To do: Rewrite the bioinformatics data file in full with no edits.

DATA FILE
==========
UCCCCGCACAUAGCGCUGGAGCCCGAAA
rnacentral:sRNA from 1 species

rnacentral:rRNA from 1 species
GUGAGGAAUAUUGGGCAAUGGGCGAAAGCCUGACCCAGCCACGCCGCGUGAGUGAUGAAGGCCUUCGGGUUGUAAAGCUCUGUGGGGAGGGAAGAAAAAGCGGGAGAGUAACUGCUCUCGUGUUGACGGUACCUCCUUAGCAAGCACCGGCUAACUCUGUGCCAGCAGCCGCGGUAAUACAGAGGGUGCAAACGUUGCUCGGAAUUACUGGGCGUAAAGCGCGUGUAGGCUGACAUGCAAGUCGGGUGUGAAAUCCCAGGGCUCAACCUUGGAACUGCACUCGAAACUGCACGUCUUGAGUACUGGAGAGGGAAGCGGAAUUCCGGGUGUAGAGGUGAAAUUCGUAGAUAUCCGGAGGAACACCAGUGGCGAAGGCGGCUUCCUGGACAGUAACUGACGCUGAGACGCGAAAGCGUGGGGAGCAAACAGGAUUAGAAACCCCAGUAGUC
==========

UCCCCGCACAUAGCGCUGGAGCCCGAAA
rnacentral:sRNA from 1 species

rnacentral:rRNA from 1 species
GUGAGGAAUAUUGGGCAAUGGGCGAAAGCCUGACCCAGCCACGCCGCGUGAGUGAUGAAGGCCUUCGGGUUGUAAAGCUCUGUGGGGAGGGAAGAAAAAGCGGGAGAGUAACUGCUCUCGUGUUGACGGUACCUCCUUAGCAAGCACCGGCUAACUCUGUGCCAGCAGCCGCGGUAAUACAGAGGGUGCAAACGUUGCUCGGAAUUACUGGGCGUAAAGCGCGUGUAGGCUGACAUGCAAGUCGGGUGUGAAAUCCCAGGGCUCAACCUUGGAACUGCACUCGAAACUGCACGUCUUGAGUACUGGAGAGGGAAGCGGAAUUCCGGGUGUAGAGGUGAAAUUCGUAGAUAUCCGGAGGAACACCAGUGGCGAAGGCGGCUUCCUGGACAGUAACUGACGCUGAGACGCGAAAGCGUGGGGAGCAAACAGGAUUAGAAACCCCAGUAGUC